The Learn-Korean.net review was originally published in Dulaboo.com. I used to write for the said website before my contract expired. Republishing here for archiving purposes. Edited to suit Yoast’s requirements.
The demand for Korean language lessons reached a sudden surge in demand with the phenomenal rise in popularity of Korean pop music, KPop for short. Apart from the psychedelic outfits, cute hand signs and catchy music that ranged from bubble gum pop to techno-house mixes, KPop easily enters the mainstream, making its new found fans sing along.
This is where Korean language tutorials like Learn-Korean.net come in handy. For those suffer sleepless nights due to bouts of Last Song Syndrome (thanks to Kpop staples like PSY, Big Bang and 2NE1), worry no more as Learn-Korean.net would do what it can to help you sing along to your newfound favorite tunes.
Although some song lyrics are now available in conventional English wordings, some would also like to learn reading the lyrics in their original Korean form. And this is where you get to notice the glaring differences between Japanese kata-kana and Korean alphabet: Korean characters tend to look bolder with less slants and more figures. These features make some of the words in their original Korean form easier to write compared to kata-kana.
I’m just a little disappointed that Learn-Korean.net doesn’t have an updated news feed. I scanned the site for any in-house links that pertained to KPop or Korean movies that might motivate non-Korean speakers like me to learn the language.
There are links at the lower part of the home page but it’s with KPopMusic.co.uk. Perhaps their priority lay in teaching the Korean language instead of keeping up to date with current events since it’s easier to come up with conversation when popping up the latest news you just read online.
Anyway, I checked their Korean-English database for some words that I might have heard from some Korean movies I have seen with subtitles. Even if a movie is subtitled, chances are you still hear a few familiar words, right?
I just checked letter A and saw familiar words like “ajossi” and “annyonghi kaseyo”. Unlike in other languages like Spanish (see my review for LearnSpanish4Life.co.uk), Korean words have either extra vowels or extra consonants.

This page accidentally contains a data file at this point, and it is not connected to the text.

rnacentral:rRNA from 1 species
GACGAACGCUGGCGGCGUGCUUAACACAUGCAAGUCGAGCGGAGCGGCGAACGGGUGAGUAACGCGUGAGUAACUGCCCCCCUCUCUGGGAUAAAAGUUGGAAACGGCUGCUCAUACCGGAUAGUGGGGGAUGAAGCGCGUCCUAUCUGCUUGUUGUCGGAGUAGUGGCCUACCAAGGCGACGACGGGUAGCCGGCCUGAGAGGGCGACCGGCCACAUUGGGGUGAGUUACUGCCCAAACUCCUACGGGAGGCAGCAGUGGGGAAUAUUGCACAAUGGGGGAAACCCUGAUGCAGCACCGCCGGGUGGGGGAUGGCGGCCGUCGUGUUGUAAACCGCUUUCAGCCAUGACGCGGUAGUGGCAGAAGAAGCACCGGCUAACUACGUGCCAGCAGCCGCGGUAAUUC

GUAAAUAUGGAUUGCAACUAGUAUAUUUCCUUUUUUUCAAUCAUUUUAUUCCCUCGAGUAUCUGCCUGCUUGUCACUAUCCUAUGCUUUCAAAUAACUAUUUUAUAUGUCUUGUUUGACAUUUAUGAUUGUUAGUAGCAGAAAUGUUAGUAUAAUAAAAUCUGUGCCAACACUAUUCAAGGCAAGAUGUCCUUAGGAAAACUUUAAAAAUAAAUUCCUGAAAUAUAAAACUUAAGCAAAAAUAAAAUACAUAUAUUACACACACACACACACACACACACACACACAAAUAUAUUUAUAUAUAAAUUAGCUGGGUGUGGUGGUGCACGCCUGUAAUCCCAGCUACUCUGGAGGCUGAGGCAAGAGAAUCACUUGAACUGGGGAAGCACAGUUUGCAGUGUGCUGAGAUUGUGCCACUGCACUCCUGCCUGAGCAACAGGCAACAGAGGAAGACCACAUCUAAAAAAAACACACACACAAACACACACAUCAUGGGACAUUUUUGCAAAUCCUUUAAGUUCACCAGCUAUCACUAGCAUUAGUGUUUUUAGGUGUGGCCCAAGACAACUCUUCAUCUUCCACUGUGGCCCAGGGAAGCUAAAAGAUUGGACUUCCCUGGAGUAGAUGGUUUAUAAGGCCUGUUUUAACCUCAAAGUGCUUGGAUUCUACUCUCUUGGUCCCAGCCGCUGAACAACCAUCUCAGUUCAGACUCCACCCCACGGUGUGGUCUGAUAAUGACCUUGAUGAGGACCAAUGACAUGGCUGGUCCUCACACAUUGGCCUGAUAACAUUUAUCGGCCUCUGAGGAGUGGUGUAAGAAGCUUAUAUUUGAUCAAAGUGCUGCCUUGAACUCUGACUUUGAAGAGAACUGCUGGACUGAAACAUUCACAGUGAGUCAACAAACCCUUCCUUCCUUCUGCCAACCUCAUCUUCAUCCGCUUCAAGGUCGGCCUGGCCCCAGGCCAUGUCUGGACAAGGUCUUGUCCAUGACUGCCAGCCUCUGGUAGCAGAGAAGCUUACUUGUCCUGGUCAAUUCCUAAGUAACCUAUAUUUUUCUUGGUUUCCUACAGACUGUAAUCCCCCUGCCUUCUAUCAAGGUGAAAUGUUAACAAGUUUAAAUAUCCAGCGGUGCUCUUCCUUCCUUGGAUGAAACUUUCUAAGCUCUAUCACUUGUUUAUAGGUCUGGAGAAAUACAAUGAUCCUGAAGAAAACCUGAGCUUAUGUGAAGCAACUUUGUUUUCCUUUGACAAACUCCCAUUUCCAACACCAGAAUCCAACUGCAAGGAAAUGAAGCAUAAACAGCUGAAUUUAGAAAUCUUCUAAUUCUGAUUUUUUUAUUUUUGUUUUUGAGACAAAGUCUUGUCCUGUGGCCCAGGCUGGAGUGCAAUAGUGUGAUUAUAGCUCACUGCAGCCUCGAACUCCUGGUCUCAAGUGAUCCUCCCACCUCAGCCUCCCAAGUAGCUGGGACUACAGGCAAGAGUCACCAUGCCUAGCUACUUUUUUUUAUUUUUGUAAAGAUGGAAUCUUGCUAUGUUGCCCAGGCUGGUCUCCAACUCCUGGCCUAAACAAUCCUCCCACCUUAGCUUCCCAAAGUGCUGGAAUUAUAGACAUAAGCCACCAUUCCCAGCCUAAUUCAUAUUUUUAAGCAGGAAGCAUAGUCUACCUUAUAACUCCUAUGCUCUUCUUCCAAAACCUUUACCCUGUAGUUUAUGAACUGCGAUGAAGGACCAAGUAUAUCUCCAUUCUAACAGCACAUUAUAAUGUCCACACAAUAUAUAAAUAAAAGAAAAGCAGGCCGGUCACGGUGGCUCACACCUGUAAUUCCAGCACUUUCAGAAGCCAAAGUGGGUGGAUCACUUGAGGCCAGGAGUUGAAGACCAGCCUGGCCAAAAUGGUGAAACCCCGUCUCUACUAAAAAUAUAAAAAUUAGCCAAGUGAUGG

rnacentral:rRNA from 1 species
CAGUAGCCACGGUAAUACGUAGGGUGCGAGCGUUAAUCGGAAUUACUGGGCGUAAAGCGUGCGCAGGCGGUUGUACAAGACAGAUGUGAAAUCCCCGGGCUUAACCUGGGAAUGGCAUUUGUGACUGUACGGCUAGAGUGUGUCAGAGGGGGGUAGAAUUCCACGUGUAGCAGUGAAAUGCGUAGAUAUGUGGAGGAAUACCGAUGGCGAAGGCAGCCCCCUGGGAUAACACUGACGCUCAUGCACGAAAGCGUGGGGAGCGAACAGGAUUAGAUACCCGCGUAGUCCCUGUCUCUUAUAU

Well, Learn-Korean.net compiled their most read articles to make it easy for newly registered learners to pick a story to read whether it’s in English or in Korean.
Browsing further into Learn-Korean.net, I found the forum where most learners and lurkers converge to discuss anything Korean. Not the entire forum is exclusive to speaking in Korean only. There is a Korean-only thread that learners regularly visit to harness their Korean speaking skills.
If ever there are bugs or issues in Learn-Korean.net, the forum set aside a section to address such concerns.
Members are also encouraged to write about their experiences here at Learn-Korean.net. There are some I saw written in English and the rest in Korean. This is where learners keep in tow whatever it is that they have learned in their Korean lessons but not all of them are updated.
To be honest, the fact that most items are not updated here would discourage me to learn Korean from this site. I’m willing to ignore the lack of KPop-related stuff here since my interests in Korean culture doesn’t revolve around them. (I’m a fan of some Korean saeguks by the way)
But some discussion killers involved discussing things that are “so yesterday”, to borrow a common expression from some American teens on TV. I hope they get to improve on this to take advantage of the demand for Korean language tutorials.
Learn-Korean.net’s website is still up. You learn some Korean for free by clicking here. Highly recommended for viewers of Korean drama.
How did the Korean pivot of your language learning journey go? It would be interesting to see how to apply some of that knowledge by testing your newfound skills by clicking the image above. You’d find the connection later. See you on the next article.